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How to check your CPU temperature

Hot blooded? Check it and see

Knowing when and how to check your PC’s CPU temperature is one of the less glamorous aspects of PC ownership, but it’s worthwhile – especially if you’ve got a brand new system, or have just built a rig yourself. Excess heat is the PC’s natural enemy, and if you’ve gone too far with an overclock or haven’t installed the cooler correctly, you can expect overheating, automatic shutdowns and even permanent damage to your processor.

Annoyingly, Microsoft has never built a proper CPU temperature monitor into Windows, but there are options for both free software and premium hardware that will do the job. Read all about the best ones below, and for reference, you should be aiming for CPU core temperatures of 70-80°c while running games. Anything up to 90°c is safe but not strictly optimal for health and performance, and if you’re running closer to 100°c, you're in "uh oh" territory. Tone down any overclocking, or replace/refit your cooler.

A screenshot of Core Temp, showing its CPU temperature monitoring.

Core Temp

Honestly, you can just use Core Temp. It’s easily readable, updates in real time, is compatible with every CPU under the sun and shows you the temperatures of all your processor’s individual cores, so in a worst-case scenario you can see which ones specifically are getting too toasty.

Installing it is dead easy too. Simply click the big blue “Download” on the Core Temp site, then run the executable file once it’s downloaded. While clicking through the installation wizard you will need to uncheck some boxes to avoid adding some bloatware, but otherwise you can keep hitting “Next” until Core Temp is installed.

In the app itself, the temperatures of all your CPU’s cores are listed at the bottom. Another cool aspect of Core Temp – if don’t mind painfully stretching the definition of cool – is that it also lists the lowest and highest temperatures that each core has recorded during the current session. That might be handy if, say, you want to know how high your core temperatures peak during sustained play, but you can’t be bothered with constantly alt-tabbing out to monitor it.

A screenshot of NZXT Cam software.


If you fancy more of a complete system-monitoring suite, NZXT Cam is a good bet. I wasn’t initially impressed when, several years ago, it launched in support of some broadly overpriced NZXT cases (even though you don’t actually need any NZXT hardware to install it). Nowadays, though, it’s a nicely comprehensive set of tools for monitoring temps, speeds and loads, not to mention tinkering with compatible lighting and even overclocking.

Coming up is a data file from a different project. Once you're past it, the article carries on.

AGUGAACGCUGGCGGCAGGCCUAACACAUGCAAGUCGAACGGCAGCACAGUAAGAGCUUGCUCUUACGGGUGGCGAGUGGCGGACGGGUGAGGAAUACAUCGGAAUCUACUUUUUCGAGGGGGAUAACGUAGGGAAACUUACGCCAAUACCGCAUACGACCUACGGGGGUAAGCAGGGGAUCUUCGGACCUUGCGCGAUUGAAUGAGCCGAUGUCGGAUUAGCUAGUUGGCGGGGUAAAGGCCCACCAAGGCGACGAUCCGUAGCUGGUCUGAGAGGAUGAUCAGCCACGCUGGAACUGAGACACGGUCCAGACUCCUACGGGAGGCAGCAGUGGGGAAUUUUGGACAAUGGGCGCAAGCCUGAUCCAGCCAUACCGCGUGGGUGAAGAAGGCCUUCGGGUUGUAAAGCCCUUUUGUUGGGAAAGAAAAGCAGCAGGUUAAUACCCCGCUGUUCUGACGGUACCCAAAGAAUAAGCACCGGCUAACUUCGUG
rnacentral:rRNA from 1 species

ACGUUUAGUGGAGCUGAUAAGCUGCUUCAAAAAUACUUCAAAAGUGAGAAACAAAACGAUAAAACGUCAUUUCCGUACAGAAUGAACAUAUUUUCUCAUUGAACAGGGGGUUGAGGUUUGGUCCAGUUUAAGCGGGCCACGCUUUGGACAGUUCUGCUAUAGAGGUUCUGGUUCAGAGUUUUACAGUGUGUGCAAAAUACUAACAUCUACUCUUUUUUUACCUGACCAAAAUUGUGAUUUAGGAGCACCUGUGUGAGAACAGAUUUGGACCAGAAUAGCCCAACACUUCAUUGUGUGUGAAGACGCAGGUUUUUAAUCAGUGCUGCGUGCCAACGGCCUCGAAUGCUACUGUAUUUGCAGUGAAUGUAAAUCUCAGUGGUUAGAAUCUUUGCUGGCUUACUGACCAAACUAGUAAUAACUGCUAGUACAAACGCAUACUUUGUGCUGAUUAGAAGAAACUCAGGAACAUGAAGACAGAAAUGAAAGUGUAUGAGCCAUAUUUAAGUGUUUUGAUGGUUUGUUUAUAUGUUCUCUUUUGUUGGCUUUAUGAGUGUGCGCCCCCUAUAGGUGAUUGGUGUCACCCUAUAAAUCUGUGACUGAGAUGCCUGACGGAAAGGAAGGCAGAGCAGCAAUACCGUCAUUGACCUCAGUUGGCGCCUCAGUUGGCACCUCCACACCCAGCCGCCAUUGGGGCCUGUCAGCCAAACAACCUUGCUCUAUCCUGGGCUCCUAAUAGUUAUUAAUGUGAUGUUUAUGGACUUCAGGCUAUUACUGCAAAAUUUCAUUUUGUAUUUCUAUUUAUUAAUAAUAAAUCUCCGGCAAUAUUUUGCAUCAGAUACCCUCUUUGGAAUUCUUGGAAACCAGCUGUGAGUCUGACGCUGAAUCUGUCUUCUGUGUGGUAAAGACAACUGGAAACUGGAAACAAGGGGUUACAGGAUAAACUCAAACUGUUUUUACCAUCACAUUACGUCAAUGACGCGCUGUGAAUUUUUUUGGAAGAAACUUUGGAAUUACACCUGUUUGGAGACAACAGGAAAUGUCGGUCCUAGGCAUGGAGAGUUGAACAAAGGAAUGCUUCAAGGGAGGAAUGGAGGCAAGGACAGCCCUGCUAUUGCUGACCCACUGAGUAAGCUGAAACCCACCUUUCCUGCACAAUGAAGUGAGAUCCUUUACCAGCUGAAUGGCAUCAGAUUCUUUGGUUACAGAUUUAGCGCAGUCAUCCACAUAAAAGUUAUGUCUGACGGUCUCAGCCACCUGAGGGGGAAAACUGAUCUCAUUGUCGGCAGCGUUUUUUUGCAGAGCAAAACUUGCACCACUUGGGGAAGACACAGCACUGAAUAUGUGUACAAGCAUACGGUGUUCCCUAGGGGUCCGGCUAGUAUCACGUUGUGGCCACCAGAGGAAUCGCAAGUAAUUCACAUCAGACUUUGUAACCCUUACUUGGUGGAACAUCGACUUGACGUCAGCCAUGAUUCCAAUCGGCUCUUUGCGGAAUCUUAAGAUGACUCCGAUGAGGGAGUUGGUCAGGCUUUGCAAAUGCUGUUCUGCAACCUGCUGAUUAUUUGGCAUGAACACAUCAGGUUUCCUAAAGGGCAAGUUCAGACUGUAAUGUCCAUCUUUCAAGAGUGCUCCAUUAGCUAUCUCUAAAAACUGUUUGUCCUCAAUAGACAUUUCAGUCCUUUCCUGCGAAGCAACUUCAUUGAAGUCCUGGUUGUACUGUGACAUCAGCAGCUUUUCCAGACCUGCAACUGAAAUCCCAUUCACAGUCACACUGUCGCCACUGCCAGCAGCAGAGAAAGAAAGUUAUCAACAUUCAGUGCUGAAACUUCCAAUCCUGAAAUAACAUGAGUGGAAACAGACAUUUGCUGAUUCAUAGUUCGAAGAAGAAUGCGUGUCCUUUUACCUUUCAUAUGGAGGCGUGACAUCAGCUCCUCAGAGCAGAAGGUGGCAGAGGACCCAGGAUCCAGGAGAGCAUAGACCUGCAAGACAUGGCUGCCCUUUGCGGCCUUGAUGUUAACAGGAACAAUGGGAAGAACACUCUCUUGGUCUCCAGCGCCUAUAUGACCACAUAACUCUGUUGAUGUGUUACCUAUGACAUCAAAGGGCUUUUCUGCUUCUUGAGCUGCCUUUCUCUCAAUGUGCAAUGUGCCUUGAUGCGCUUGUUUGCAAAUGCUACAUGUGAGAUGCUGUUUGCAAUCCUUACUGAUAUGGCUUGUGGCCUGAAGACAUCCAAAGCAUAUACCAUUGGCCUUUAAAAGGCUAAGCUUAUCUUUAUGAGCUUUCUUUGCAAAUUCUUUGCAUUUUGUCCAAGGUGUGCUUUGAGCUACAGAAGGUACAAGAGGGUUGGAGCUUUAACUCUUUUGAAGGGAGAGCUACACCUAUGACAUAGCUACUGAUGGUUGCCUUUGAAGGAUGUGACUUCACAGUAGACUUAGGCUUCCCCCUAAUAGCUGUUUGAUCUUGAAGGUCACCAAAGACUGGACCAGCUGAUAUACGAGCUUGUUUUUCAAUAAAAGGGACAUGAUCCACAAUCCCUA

For simply checking your PC’s CPU temperature, though, you can just take a peek at the default “PC Monitoring” tab, which appears as default whenever you open CAM. To install, simply hit “Download CAM” on the NZXT CAM site and run the executable once it downloads.

An image of the NZXT Kraken Z63 AIO watercooler, with a CPU temperature monitor on the pump.

Just put your CPU temperature on your cooler, I guess

Modern PC cases have largely abandoned 5.25in drive bays: the front-facing slots that most often housed CD/DVD drives or, as is pertinent here, hardware monitoring displays. However, if you still want a more physical CPU temperature readout, there are some AIO watercoolers that can display current core temps on their own pumps.

The likes of the NZXT Kraken Z63 (which I’ve tried and is excellent), the Asus ROG Ryujin II 360 and the Gigabyte Aorus Waterforce X 360 all feature little onboard displays. Through their respective companion software, you can customise what appears on them, from custom images and animated GIFs to- yes - system monitoring info.

The downside is that you’ll have to look inside your PC whenever you want to check the temperature, which might not be ideal if your rig sits on the floor, angled away or doesn’t even have a side window to begin with. Still, bonus points for having the CPU temperature glowing just a couple of inches away from the CPU itself.

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About the Author

James Archer avatar

James Archer

Hardware Editor

James retired from writing about Dota for RPS to write about hardware for RPS. His favourite watercooler radiator size is 280mm and he always takes advantage of RGB lighting by setting everything to a solid light blue.

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